Pooling the Risk for Universal Healthcare Part II: No Risk Pool or Unitary Risk Pool

Posted on January 13, 2009


In the previous entry I addressed the need for risk pooling for a successful universal healthcare initiative. In this entry I want to write about the possible models for risk pooling. The two obvious models are no risk pool – individuals take care of their healthcare needs without the society sharing any risk or burden, and unitary (or mandatory) risk pool – all members of the society/ country are “forced” to be part of a single risk pool. I will address the primary features and challenges inherent to each of these models. 

No risk pool is the current situation in India. Individuals are not required to have any healthcare insurance and if they do it is voluntary. In a no risk pool situation, individuals try to eliminate the uncertainties in healthcare expenditures by signing up for private insurance. Insurers charge premium based on their assessment of an individual’s risk profile.

  • I have argued in earlier entries (1, 2) that there are good reasons of equity and efficiency that make risk pooling desirable. This is true for both the individuals and the insurers. For individuals, absence of a risk pool means their existing health record becomes the primary criterion determining their premium cost – sometimes even eligibility to be insured. It is not hard to see why individuals with chronic conditions like diabetes, cancer or congenital problems or life threatening infections like AIDS would never qualify for affordable insurance. For insurers, absence of a risk pool means they are at a disadvantage with imperfect information on individuals’ true health status. Individuals always will know their health status better than what insurers can determine. Insurers are consequently hit with the problem of adverse selection; individuals with above average risk (the sick) are more likely to purchase insurance than those below average risk (the healthy). The insurance pool becomes less healthy ultimately leading to breakdown of the insurance function and even market failure of the insurer.
  • In certain no risk pool arrangements, insurers are prohibited from discriminating on price. In such situations insurers are often seen to cream skim the market, encouraging the healthy to sign up but making it difficult for the unhealthy to do so. Alternatively insurers are seen to make the claim process extremely cumbersome or simply refusing to pay claims thus ensuring their profitability at the expense of the insured.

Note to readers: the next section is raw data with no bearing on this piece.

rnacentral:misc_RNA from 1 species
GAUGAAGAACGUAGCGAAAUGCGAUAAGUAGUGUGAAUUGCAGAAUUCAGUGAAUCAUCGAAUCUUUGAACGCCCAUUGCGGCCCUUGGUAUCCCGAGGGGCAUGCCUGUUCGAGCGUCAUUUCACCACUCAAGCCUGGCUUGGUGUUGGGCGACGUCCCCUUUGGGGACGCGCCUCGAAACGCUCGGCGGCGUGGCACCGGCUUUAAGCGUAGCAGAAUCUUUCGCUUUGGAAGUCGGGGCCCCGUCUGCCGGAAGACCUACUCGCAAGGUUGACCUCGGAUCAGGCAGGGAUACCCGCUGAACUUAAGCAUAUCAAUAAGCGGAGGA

• No risk pool arrangements significantly inflate the administrative overhead. Assessing individual risk, writing appropriate insurance contracts and reimbursing claims require significant resources, diverting premium revenue to paying for non productive administrative expenses.
  • No risk pool arrangements provide no incentive to undertake public health programs. It has been seen, especially in developing e economies like India, that investments in public health programs like immunization have a disproportionately high positive impact on the health of the society.

It is obvious that the no risk pool arrangement is not in interest of anybody – not the individuals, not the insurers and definitely not the society.

Unitary risk pool is the current situation in certain European countries like Britain. Pooling is mandatory and all revenues – raised through taxation or social insurance schemes – are placed in a single central pool that pays for a defined package of services for all. By its very design the unitary risk pool seeks to eliminate the inefficiencies of a no risk pool arrangement, allowing for a transfer of benefits from those that can afford to those that don’t and from those that need healthcare services to those that don’t. However the unitary risk pool is not without its own inefficiencies.

  • Moral hazard leading to inflated/unaffordable costs is the biggest challenge for a unitary risk pool. Both service providers and individuals contribute to this challenge. For individuals, guaranteed and free access eliminates the economic barrier of cost, and hence the incentive to moderate demand, leading to excessive consumption of healthcare services. For service providers, guaranteed payment encourages induced demand for healthcare services unwarranted in addressing individual cases. Over consumption leads to ballooning costs which in turn lead to progressive shrinking of the packages of services guaranteed, sometimes even bankrupting and jeopardising the entire healthcare system.
  • A particularly strong argument against unitary risk pool is that such an arrangement by providing a one size fits all package of services ignores individuals need for differing healthcare services.
  • Another argument that merits attention is that a unitary risk pool guarantees service providers payments or returns on their investment thus suppressing, perhaps eliminating, innovation that would otherwise have thrived in a competitive environment  as service providers searched for efficiency.
  • In developing economies a unitary risk pool faces a rather singular challenge of unequal access. While the healthcare services are free, there are costs associated with travel, lost income from missed work, time spent travelling and waiting. These costs are not insignificant to the poor in a developing economy. In such a scenario the poor or those in remote rural areas access healthcare services as last resort. This leads to inequity in access of the free healthcare services with the rich and urban class cornering a disproportionate share of the available services and hence the spend.

Clearly the unitary risk pool while desirable is not without its share of challenges; challenges that need to be met with caution and care if the pool is to succeed.